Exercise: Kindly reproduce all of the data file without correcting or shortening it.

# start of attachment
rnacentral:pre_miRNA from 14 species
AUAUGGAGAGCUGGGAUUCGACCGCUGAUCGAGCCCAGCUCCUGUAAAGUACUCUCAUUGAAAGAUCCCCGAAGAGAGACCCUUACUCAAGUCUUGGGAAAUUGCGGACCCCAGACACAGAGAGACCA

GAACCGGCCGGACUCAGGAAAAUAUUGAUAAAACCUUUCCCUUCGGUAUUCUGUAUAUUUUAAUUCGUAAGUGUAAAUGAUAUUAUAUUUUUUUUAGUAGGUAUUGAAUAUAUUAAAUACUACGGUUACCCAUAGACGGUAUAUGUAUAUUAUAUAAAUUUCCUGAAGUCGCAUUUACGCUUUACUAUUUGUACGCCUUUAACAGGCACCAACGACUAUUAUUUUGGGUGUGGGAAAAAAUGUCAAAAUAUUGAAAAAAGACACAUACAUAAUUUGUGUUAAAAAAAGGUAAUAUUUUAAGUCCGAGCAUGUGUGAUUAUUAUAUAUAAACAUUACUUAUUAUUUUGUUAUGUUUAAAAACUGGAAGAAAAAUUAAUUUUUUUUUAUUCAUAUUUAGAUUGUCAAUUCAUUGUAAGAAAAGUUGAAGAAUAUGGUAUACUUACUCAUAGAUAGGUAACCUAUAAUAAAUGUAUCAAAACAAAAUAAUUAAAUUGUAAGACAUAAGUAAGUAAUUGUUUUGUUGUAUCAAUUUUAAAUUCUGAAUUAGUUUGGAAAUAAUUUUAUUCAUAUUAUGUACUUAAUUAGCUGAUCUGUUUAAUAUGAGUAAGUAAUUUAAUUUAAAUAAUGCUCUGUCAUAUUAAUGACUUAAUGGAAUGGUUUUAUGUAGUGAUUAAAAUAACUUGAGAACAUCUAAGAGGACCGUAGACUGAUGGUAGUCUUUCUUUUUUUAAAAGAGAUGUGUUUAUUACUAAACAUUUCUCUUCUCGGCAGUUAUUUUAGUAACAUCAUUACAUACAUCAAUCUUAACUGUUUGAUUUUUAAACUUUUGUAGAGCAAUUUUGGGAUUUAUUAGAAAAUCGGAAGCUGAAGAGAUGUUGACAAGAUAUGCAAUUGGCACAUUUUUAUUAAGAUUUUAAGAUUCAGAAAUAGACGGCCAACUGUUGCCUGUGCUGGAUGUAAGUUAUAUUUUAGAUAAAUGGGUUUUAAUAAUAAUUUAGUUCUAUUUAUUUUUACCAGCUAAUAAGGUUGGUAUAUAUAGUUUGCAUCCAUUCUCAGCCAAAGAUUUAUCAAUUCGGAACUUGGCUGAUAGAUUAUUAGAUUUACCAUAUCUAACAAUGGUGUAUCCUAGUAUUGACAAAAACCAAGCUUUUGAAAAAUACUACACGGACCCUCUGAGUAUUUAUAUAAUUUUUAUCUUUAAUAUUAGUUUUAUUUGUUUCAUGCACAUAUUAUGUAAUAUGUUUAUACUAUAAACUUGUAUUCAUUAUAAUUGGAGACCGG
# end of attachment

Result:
rnacentral:pre_miRNA from 14 species
AUAUGGAGAGCUGGGAUUCGACCGCUGAUCGAGCCCAGCUCCUGUAAAGUACUCUCAUUGAAAGAUCCCCGAAGAGAGACCCUUACUCAAGUCUUGGGAAAUUGCGGACCCCAGACACAGAGAGACCA

GAACCGGCCGGACUCAGGAAAAUAUUGAUAAAACCUUUCCCUUCGGUAUUCUGUAUAUUUUAAUUCGUAAGUGUAAAUGAUAUUAUAUUUUUUUUAGUAGGUAUUGAAUAUAUUAAAUACUACGGUUACCCAUAGACGGUAUAUGUAUAUUAUAUAAAUUUCCUGAAGUCGCAUUUACGCUUUACUAUUUGUACGCCUUUAACAGGCACCAACGACUAUUAUUUUGGGUGUGGGAAAAAAUGUCAAAAUAUUGAAAAAAGACACAUACAUAAUUUGUGUUAAAAAAAGGUAAUAUUUUAAGUCCGAGCAUGUGUGAUUAUUAUAUAUAAACAUUACUUAUUAUUUUGUUAUGUUUAAAAACUGGAAGAAAAAUUAAUUUUUUUUUAUUCAUAUUUAGAUUGUCAAUUCAUUGUAAGAAAAGUUGAAGAAUAUGGUAUACUUACUCAUAGAUAGGUAACCUAUAAUAAAUGUAUCAAAACAAAAUAAUUAAAUUGUAAGACAUAAGUAAGUAAUUGUUUUGUUGUAUCAAUUUUAAAUUCUGAAUUAGUUUGGAAAUAAUUUUAUUCAUAUUAUGUACUUAAUUAGCUGAUCUGUUUAAUAUGAGUAAGUAAUUUAAUUUAAAUAAUGCUCUGUCAUAUUAAUGACUUAAUGGAAUGGUUUUAUGUAGUGAUUAAAAUAACUUGAGAACAUCUAAGAGGACCGUAGACUGAUGGUAGUCUUUCUUUUUUUAAAAGAGAUGUGUUUAUUACUAAACAUUUCUCUUCUCGGCAGUUAUUUUAGUAACAUCAUUACAUACAUCAAUCUUAACUGUUUGAUUUUUAAACUUUUGUAGAGCAAUUUUGGGAUUUAUUAGAAAAUCGGAAGCUGAAGAGAUGUUGACAAGAUAUGCAAUUGGCACAUUUUUAUUAAGAUUUUAAGAUUCAGAAAUAGACGGCCAACUGUUGCCUGUGCUGGAUGUAAGUUAUAUUUUAGAUAAAUGGGUUUUAAUAAUAAUUUAGUUCUAUUUAUUUUUACCAGCUAAUAAGGUUGGUAUAUAUAGUUUGCAUCCAUUCUCAGCCAAAGAUUUAUCAAUUCGGAACUUGGCUGAUAGAUUAUUAGAUUUACCAUAUCUAACAAUGGUGUAUCCUAGUAUUGACAAAAACCAAGCUUUUGAAAAAUACUACACGGACCCUCUGAGUAUUUAUAUAAUUUUUAUCUUUAAUAUUAGUUUUAUUUGUUUCAUGCACAUAUUAUGUAAUAUGUUUAUACUAUAAACUUGUAUUCAUUAUAAUUGGAGACCGG